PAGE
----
• Holly Gerring
    7 years ago

    Well said!

  • Svn Love
    7 years ago

    I read it, it is good.
    [ http://managerments.blogspot.com ].

  • Sheri Johnson Zakis
    7 years ago

    Ellen, Thank you for sharing this TED video. Very informative. I’m a great fan of TED and always enjoy your blogs.

  • Ellen Schnakenberg
    7 years ago

    Thank you Sheri <3 I love your feedback 🙂

  • Kate Hodge
    7 years ago

    Ive had my share of medical mistakes n misdiagnoses…but they don’t compare to what happened to my Dad 10 years ago…he went for prostrate n bladder surgery (cancer) surgery was sucessful cancer removed…but they gave him the wrong blood type…doc joked about it…my dad said he saw a lawsuit coming…70 days later after the most horrific ordeal he died of sepsis…but according to the death certificate the thing leading to the sepsis was flesh eating bacteria…that the other docs (good ones) had laughed at and said no way. we tryed to get him transfered to a diff hospital, they said no he wouldn’t make the trip…I assume they just didn’t want anyone else to see what they had done to him. he was on IV only no food for 70 days and at one point they got his blood sugar down in the single #s he had been incoherant and was comatose by the time they figured it out! probly because during that time they were counselling my mom about alzheimers and dementia being the problem And then they recommened highly to my mom NO AUTOPSY! and she listened my sister started a lawsuit which got Dr. John MacDONALD of St. Joesphs Hospital in Bangor Maine IN VERY MUCH TROUBLE AND THREATENED BY THE HOSPITAL TO BRING HIM UP ON CHARGES OF THEIR OWN..BECAUSE HE TOOK OVER 6 MONTHS TO SIGN OFF ON THE RECORDS….AND RETIRED IMMEDIATLY…WHICH MADE ME FEEL BETTER AS HE COULD NOT KILL ANYONE ELSE BUT THE LAWSUIT FIZZLED OUT…PROBLY CAUSE THEY HAD TIME TO CHANGE HIS RECORDS AND COVER THEIR ASSES….bad memorys…of bad doctors making bad mistakes n covering their asses. sorry if I got carried away but that’s just a tiny portion of that hospital nightmare. And my Dad is gone.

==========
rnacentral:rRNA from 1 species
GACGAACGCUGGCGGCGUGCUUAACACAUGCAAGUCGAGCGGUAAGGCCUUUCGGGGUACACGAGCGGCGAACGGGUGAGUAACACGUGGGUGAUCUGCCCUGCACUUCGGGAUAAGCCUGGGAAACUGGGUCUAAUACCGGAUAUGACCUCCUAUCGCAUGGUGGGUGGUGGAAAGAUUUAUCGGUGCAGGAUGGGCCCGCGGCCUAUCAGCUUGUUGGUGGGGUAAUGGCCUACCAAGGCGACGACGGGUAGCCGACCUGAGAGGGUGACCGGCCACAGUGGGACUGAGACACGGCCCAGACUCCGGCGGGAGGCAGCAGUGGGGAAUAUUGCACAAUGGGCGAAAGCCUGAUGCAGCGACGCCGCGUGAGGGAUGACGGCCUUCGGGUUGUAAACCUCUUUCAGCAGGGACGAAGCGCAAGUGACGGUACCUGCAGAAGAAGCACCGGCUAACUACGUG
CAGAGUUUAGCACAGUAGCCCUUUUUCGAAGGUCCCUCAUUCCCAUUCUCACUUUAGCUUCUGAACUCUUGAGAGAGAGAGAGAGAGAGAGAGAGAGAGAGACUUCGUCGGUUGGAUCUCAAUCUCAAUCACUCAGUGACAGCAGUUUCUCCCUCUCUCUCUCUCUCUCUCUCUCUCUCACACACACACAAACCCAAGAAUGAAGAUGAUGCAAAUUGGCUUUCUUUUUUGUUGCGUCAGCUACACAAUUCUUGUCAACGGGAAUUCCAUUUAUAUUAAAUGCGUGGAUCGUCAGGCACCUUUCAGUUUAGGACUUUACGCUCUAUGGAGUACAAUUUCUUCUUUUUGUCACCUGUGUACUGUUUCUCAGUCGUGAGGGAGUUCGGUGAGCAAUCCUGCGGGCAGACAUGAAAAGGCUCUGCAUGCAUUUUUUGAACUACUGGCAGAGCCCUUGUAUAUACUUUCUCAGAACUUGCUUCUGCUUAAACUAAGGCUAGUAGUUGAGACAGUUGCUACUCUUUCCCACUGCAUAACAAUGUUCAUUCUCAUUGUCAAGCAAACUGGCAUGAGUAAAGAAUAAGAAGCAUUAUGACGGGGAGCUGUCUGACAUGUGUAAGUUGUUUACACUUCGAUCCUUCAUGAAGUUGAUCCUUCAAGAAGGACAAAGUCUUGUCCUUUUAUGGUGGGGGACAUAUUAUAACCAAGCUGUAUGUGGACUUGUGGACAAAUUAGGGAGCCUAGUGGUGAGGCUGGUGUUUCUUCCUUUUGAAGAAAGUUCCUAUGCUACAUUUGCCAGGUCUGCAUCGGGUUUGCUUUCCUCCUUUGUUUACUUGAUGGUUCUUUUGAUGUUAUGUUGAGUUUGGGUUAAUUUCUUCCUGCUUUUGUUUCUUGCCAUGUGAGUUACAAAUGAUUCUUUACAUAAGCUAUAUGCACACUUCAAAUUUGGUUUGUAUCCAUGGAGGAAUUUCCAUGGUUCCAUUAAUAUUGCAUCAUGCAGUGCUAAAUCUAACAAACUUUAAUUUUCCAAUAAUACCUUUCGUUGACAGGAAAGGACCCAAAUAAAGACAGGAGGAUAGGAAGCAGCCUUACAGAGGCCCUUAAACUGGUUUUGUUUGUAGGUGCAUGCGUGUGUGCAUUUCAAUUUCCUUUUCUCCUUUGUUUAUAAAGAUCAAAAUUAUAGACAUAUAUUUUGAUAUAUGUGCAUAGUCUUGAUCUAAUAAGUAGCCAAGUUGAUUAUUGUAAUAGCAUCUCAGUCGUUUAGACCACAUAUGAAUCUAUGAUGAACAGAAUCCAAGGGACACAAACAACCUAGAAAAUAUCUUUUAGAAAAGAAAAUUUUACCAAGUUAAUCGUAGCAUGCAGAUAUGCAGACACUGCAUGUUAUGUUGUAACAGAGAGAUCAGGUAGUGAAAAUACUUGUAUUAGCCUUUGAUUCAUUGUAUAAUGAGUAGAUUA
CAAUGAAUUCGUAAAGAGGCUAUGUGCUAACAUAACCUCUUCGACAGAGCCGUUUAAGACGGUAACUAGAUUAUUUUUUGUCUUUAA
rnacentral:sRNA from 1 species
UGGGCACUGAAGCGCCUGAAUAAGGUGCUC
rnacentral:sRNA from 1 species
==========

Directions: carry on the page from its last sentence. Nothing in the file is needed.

• Ellen Schnakenberg
    7 years ago

    Kate Hodge Hi Kate, no, mom isn’t afraid of doctors thankfully. I don’t think she’s especially happy that he didn’t admit what the trouble was in the first place. I’m not sure she totally understands exactly what happened. Honestly, in this case the reaction couldn’t be helped, but once it occurred there was lots that could have been done that wasn’t. If the doc in charge didn’t know how to handle it, he should have found someone else who did. Thank goodness for all of us she eventually recovered. I can’t imagine if it had been the other way around.